order of crustaceans

Krill are small shrimp-like crustaceans about an inch or so long, found in all the oceans of the world. In areas with nutrients,[1] they occur in huge swarms, with more than 10,000 krill per cubic meter. They feed on phytoplankton and to a lesser extent zooplankton.

Northern krill
Scientific classification
Krill anatomy explained, using Euphausia superba as a model

Krill are ecologically very important, because they are near the bottom of the food chain. They make up the largest part of the diet of many animals. In the Southern Ocean, one species, the Antarctic krill, Euphausia superba, makes up an estimated biomass of over 500,000,000 tonnes (490,000,000 long tons; 550,000,000 short tons), roughly twice that of the human race. They are eaten by many animals, including whales, seals, penguins, birds, fish, squid, and whale sharks. Of this, over half is eaten by each year, and is replaced by growth and reproduction.

Most krill species make large vertical migrations. They are distinguished from other crustaceans such as true shrimp by their externally visible gills.

Taxonomy change

The order Euphausiacea is divided into two families, Bentheuphausiidae and Euphausiidae. the first has one species, the second has 85 species. Well known species are the Antarctic krill (Euphausia superba), Pacific krill (Euphausia pacifica) and Northern krill (Meganyctiphanes norvegica).

Bioluminescence change

Except for Bentheuphausia amblyops, krill are bioluminescent. They have organs called photophores which emit light. The light is made by an enzyme-catalysed chemiluminescence reaction. A luciferin (a kind of pigment) is activated by a luciferase enzyme.[2] Krill probably get this substance as part of their diet, which contains dinoflagellates.[3] Krill photophores are complex organs with lenses and focusing abilities, and can be rotated by muscles.[4] The exact function of these organs is not known. The possibilities include mating, social interaction or as a form of camouflage to compensate for their shadow against the overhead light.[5][6]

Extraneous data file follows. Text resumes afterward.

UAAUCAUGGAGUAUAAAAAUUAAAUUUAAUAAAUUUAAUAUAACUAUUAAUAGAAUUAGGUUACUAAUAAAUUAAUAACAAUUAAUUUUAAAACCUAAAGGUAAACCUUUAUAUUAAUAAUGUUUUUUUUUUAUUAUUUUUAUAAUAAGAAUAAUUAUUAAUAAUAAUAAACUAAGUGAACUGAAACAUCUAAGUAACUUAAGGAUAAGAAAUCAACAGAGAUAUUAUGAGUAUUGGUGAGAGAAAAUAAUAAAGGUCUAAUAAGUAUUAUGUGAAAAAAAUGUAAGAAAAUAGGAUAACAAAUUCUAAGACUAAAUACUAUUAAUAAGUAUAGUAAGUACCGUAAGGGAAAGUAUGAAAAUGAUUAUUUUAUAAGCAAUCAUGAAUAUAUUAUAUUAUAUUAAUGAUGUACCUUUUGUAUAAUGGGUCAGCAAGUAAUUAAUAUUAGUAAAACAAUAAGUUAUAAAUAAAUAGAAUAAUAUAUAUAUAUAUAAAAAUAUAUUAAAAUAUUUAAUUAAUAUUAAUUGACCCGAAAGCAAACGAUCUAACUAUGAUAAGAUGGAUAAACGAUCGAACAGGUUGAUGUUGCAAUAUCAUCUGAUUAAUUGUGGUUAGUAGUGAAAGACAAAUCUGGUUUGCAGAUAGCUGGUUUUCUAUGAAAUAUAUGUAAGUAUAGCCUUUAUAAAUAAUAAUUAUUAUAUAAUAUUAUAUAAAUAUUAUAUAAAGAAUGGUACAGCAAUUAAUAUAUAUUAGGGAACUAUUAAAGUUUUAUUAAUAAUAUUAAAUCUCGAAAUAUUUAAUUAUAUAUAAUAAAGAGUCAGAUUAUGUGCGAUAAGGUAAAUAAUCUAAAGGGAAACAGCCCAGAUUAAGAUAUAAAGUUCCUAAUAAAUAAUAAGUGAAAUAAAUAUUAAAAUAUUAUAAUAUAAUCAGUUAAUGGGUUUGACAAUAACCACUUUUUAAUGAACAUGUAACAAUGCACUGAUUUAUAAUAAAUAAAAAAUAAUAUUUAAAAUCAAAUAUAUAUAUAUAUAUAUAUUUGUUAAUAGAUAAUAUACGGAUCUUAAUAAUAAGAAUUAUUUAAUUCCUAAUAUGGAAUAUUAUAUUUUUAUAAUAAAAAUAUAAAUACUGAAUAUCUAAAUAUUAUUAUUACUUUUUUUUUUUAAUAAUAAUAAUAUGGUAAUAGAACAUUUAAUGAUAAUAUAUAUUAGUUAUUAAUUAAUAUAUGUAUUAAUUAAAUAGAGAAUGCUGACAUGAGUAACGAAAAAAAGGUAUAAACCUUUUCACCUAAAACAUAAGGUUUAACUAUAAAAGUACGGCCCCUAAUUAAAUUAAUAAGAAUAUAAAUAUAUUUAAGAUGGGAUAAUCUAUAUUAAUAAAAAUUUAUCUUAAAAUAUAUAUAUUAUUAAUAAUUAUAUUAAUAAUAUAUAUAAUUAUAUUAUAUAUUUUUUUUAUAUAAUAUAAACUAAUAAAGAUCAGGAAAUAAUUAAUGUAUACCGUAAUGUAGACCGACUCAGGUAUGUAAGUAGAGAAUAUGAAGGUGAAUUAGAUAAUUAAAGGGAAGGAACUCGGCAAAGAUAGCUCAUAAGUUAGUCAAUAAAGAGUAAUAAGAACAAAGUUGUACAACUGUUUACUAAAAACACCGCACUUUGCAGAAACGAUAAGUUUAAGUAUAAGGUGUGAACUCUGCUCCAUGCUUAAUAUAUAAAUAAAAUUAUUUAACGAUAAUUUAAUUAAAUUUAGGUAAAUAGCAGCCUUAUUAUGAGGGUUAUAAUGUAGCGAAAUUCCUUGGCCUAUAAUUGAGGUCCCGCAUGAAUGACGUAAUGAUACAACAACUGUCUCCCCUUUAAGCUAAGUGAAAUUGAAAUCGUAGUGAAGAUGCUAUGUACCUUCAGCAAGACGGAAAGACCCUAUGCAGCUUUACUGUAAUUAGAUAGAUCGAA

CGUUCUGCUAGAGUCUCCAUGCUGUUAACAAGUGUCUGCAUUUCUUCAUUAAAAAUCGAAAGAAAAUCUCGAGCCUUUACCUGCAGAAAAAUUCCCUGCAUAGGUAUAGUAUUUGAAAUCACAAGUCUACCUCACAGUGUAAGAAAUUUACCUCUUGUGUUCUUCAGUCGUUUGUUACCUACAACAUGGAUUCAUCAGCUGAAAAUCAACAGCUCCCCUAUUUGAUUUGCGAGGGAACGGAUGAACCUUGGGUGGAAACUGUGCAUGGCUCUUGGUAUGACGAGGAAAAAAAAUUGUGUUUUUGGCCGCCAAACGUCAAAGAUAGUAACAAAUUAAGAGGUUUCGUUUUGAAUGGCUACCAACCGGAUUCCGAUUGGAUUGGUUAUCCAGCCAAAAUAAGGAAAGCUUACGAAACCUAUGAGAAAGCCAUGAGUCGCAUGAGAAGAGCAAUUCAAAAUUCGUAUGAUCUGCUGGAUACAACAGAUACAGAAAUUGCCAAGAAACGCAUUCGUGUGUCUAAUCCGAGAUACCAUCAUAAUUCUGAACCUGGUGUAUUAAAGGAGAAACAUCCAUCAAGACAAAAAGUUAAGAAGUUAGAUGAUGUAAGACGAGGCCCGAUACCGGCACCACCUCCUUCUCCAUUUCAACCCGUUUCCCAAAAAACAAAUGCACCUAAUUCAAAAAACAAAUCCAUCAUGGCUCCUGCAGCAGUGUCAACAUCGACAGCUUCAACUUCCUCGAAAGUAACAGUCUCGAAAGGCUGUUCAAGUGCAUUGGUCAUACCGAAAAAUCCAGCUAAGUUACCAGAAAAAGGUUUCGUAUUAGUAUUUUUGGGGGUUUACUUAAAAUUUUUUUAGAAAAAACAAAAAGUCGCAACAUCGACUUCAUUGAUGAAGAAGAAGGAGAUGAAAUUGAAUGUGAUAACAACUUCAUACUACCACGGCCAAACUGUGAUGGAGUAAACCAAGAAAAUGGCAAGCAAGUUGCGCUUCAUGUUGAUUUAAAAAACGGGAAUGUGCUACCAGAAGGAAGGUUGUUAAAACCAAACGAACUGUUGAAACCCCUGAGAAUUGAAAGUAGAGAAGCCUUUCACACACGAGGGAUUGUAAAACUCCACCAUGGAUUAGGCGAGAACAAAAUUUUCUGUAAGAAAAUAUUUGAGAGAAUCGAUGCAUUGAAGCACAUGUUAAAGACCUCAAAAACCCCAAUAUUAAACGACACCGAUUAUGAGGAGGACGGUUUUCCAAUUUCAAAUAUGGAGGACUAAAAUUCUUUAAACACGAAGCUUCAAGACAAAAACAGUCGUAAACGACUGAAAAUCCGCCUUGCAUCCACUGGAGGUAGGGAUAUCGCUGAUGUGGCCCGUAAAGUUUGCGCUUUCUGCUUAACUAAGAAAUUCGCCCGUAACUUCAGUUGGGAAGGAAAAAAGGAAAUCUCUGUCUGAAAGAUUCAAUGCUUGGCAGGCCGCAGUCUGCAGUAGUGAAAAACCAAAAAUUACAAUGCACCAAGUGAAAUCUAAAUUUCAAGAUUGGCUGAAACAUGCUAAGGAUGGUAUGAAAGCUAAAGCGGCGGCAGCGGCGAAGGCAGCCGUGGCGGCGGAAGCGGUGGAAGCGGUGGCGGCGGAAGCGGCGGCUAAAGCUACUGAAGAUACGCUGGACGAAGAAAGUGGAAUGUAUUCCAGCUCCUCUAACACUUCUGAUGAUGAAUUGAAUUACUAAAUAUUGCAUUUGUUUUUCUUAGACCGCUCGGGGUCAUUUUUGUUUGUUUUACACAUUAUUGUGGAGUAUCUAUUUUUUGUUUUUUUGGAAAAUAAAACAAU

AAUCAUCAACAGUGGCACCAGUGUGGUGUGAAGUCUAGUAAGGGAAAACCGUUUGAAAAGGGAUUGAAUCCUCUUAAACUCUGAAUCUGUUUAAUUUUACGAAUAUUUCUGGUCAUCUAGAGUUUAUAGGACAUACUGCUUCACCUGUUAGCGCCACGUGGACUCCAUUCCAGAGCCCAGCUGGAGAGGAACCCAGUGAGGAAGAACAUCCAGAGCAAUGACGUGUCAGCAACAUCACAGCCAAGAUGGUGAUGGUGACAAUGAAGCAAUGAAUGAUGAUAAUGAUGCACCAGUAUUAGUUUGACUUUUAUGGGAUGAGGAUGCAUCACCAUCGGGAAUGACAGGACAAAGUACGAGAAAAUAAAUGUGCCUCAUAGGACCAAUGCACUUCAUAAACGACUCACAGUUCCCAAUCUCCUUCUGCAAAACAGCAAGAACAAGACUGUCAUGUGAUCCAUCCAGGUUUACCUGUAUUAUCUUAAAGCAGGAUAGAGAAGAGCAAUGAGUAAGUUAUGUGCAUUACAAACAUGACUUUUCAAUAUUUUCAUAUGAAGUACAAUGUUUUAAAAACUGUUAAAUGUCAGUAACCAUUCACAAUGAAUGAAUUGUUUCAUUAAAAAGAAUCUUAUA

References change

  1. Much of the ocean away from the continents is low on nutrients.
  2. O. Shimomura (1995). "The roles of the two highly unstable components F and P involved in the bioluminescence of euphausiid shrimps". Journal of Bioluminescence and Chemiluminescence. 10 (2): 91–101. doi:10.1002/bio.1170100205. PMID 7676855.
  3. J.C. Dunlap, J.W. Hastings & O. Shimomura (1980). "Crossreactivity between the light-emitting systems of distantly related organisms: novel type of light-emitting compound". Proceedings of the National Academy of Sciences. 77 (3): 1394–1397. Bibcode:1980PNAS...77.1394D. doi:10.1073/pnas.77.3.1394. JSTOR 8463. PMC 348501. PMID 16592787.[permanent dead link]
  4. P.J. Herring & E.A. Widder (2001). "Bioluminescence in plankton and nekton". In J.H. Steele, S.A. Thorpe & K.K. Turekian (ed.). Encyclopedia of Ocean Science. Vol. 1. Academic Press, San Diego. pp. 308–317. ISBN 0-12-227430-X. Archived from the original on 2012-08-02. Retrieved 2012-09-03.
  5. S.M. Lindsay & M.I. Latz (1999). Experimental evidence for luminescent countershading by some euphausiid crustaceans. American Society of Limnology and Oceanography (ASLO) Aquatic Sciences Meeting. Santa Fe.
  6. Sönke Johnsen (2005). "The red and the black: bioluminescence and the color of animals in the deep sea" (PDF). Integrative and Comparative Biology. 4 (2): 234–246. doi:10.1093/icb/45.2.234. PMID 21676767.